Free audio stream, including stories that are padlocked on our site. Listen on any device, anywhere. Updated twice daily. The audio stream takes several seconds to start on Android devices.Launch Radio player
Chatham Rock Phosphate [NZX: CRP], which is developing a project to mine phosphate from the sea floor for use as fertiliser, is planning a rights issue for existing shareholders in March, and expects to list on London's AIM market after several UK investors signalled they would back the venture.
The company will make "a very attractively priced rights issue to existing shareholders" on March 14, which will be tradable and renounceable, it said in a statement. That comes after managing director Chris Castle met with several investment groups in the UK who indicated their interest in investing in Chatham Rock via a private placement, subject to the firm taking a secondary listing in the UK.
"Accordingly the CRP board has agreed to proceed with the AIM listing process, which is expected to take only two to three months to complete (as there is no associated public offering)," it said.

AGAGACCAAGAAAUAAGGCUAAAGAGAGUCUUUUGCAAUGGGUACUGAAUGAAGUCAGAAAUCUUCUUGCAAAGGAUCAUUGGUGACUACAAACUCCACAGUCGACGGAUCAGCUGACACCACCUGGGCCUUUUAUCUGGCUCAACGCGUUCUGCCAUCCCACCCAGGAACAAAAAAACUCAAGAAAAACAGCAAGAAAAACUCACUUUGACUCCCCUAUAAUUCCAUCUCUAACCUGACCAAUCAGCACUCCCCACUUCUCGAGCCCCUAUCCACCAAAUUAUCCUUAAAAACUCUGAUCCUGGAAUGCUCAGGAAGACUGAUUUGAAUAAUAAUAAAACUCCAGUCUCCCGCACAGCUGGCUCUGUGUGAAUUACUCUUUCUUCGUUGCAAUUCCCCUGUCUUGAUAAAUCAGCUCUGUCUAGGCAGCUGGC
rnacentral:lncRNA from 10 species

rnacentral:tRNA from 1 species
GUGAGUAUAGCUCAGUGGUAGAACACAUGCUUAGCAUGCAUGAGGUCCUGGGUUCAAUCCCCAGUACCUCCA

In December, the company was granted a 20-year mining permit to extract phosphate nodules from an 820 square kilometre area of the Chatham Rise under the Crown Minerals Act, the first step in securing approval to embark on its plan.
Chatham Rock still needs a marine consent from the Environmental Protection Authority under new law governing New Zealand's 200 nautical mile exclusive economic zone. It has yet to lodge an EEZ resource consent application.
The NZAX-listed shares gained 3.5 percent to 30 cents, and have shed 6.5 percent this year.
This article is tagged with the following keywords. Find out more about MyNBR Tags
- Key sending in 'Mr Fix-it' to hurry Brownlee along?
- ComCom proposes to let telco retailers keep $57 million
- Briefcase: A tale of two firms, and the rise of the salaried partner
- Briscoe's bid below par, say analysts as Kathmandu says take no action
- Government guidelines give green light to industrial-scale counterfeiting